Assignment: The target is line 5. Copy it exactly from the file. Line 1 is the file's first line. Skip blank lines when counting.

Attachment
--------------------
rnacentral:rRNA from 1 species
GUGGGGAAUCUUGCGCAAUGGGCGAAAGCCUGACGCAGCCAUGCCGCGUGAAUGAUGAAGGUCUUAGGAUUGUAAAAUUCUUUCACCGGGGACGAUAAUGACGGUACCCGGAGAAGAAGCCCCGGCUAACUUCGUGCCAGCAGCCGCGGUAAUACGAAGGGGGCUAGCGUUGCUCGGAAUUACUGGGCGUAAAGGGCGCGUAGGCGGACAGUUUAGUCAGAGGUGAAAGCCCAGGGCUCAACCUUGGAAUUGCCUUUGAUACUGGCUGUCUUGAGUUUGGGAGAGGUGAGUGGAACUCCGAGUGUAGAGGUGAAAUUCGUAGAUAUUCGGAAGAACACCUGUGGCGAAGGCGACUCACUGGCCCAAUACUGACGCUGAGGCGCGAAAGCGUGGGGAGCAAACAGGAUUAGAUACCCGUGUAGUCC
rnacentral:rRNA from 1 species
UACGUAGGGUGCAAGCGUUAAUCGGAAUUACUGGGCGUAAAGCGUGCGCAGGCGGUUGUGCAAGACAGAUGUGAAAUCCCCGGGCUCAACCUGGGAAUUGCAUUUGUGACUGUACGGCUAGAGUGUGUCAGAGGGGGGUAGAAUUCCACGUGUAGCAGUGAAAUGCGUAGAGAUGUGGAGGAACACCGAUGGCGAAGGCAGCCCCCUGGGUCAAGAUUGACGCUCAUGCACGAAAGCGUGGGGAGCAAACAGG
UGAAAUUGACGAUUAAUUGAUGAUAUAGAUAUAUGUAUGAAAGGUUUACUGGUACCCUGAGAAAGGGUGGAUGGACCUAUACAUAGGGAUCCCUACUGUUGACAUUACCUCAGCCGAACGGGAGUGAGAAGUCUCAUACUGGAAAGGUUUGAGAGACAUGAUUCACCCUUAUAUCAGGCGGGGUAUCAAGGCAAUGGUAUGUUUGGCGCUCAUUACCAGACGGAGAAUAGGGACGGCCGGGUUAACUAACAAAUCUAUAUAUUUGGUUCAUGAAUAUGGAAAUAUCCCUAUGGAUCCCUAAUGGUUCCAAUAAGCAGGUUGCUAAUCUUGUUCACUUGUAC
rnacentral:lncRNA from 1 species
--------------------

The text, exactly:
UGAAAUUGACGAUUAAUUGAUGAUAUAGAUAUAUGUAUGAAAGGUUUACUGGUACCCUGAGAAAGGGUGGAUGGACCUAUACAUAGGGAUCCCUACUGUUGACAUUACCUCAGCCGAACGGGAGUGAGAAGUCUCAUACUGGAAAGGUUUGAGAGACAUGAUUCACCCUUAUAUCAGGCGGGGUAUCAAGGCAAUGGUAUGUUUGGCGCUCAUUACCAGACGGAGAAUAGGGACGGCCGGGUUAACUAACAAAUCUAUAUAUUUGGUUCAUGAAUAUGGAAAUAUCCCUAUGGAUCCCUAAUGGUUCCAAUAAGCAGGUUGCUAAUCUUGUUCACUUGUAC